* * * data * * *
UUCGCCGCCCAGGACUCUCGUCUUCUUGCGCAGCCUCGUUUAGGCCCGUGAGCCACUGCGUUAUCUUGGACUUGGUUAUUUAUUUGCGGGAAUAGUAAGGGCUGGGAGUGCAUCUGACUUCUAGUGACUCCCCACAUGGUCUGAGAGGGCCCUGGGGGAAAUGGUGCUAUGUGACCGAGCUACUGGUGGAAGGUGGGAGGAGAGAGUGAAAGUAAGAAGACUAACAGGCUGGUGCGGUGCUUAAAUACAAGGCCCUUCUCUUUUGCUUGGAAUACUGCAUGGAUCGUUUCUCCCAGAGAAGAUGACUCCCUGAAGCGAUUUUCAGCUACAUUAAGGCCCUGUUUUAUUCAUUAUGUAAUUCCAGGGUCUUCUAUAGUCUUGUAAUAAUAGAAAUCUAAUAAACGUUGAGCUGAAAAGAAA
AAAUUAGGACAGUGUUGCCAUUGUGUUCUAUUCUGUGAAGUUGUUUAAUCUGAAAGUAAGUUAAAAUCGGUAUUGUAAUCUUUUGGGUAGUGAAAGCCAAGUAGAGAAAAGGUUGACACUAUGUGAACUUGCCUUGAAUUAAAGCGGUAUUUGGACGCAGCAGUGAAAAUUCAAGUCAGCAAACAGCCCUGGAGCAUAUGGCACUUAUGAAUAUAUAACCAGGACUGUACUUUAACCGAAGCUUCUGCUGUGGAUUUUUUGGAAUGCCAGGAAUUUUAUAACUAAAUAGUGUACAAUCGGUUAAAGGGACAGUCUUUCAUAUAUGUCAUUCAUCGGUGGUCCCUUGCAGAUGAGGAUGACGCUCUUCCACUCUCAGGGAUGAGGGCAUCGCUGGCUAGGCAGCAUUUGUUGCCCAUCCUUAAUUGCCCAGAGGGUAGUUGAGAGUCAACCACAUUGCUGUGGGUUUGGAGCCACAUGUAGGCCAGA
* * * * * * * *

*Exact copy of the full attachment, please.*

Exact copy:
UUCGCCGCCCAGGACUCUCGUCUUCUUGCGCAGCCUCGUUUAGGCCCGUGAGCCACUGCGUUAUCUUGGACUUGGUUAUUUAUUUGCGGGAAUAGUAAGGGCUGGGAGUGCAUCUGACUUCUAGUGACUCCCCACAUGGUCUGAGAGGGCCCUGGGGGAAAUGGUGCUAUGUGACCGAGCUACUGGUGGAAGGUGGGAGGAGAGAGUGAAAGUAAGAAGACUAACAGGCUGGUGCGGUGCUUAAAUACAAGGCCCUUCUCUUUUGCUUGGAAUACUGCAUGGAUCGUUUCUCCCAGAGAAGAUGACUCCCUGAAGCGAUUUUCAGCUACAUUAAGGCCCUGUUUUAUUCAUUAUGUAAUUCCAGGGUCUUCUAUAGUCUUGUAAUAAUAGAAAUCUAAUAAACGUUGAGCUGAAAAGAAA
AAAUUAGGACAGUGUUGCCAUUGUGUUCUAUUCUGUGAAGUUGUUUAAUCUGAAAGUAAGUUAAAAUCGGUAUUGUAAUCUUUUGGGUAGUGAAAGCCAAGUAGAGAAAAGGUUGACACUAUGUGAACUUGCCUUGAAUUAAAGCGGUAUUUGGACGCAGCAGUGAAAAUUCAAGUCAGCAAACAGCCCUGGAGCAUAUGGCACUUAUGAAUAUAUAACCAGGACUGUACUUUAACCGAAGCUUCUGCUGUGGAUUUUUUGGAAUGCCAGGAAUUUUAUAACUAAAUAGUGUACAAUCGGUUAAAGGGACAGUCUUUCAUAUAUGUCAUUCAUCGGUGGUCCCUUGCAGAUGAGGAUGACGCUCUUCCACUCUCAGGGAUGAGGGCAUCGCUGGCUAGGCAGCAUUUGUUGCCCAUCCUUAAUUGCCCAGAGGGUAGUUGAGAGUCAACCACAUUGCUGUGGGUUUGGAGCCACAUGUAGGCCAGA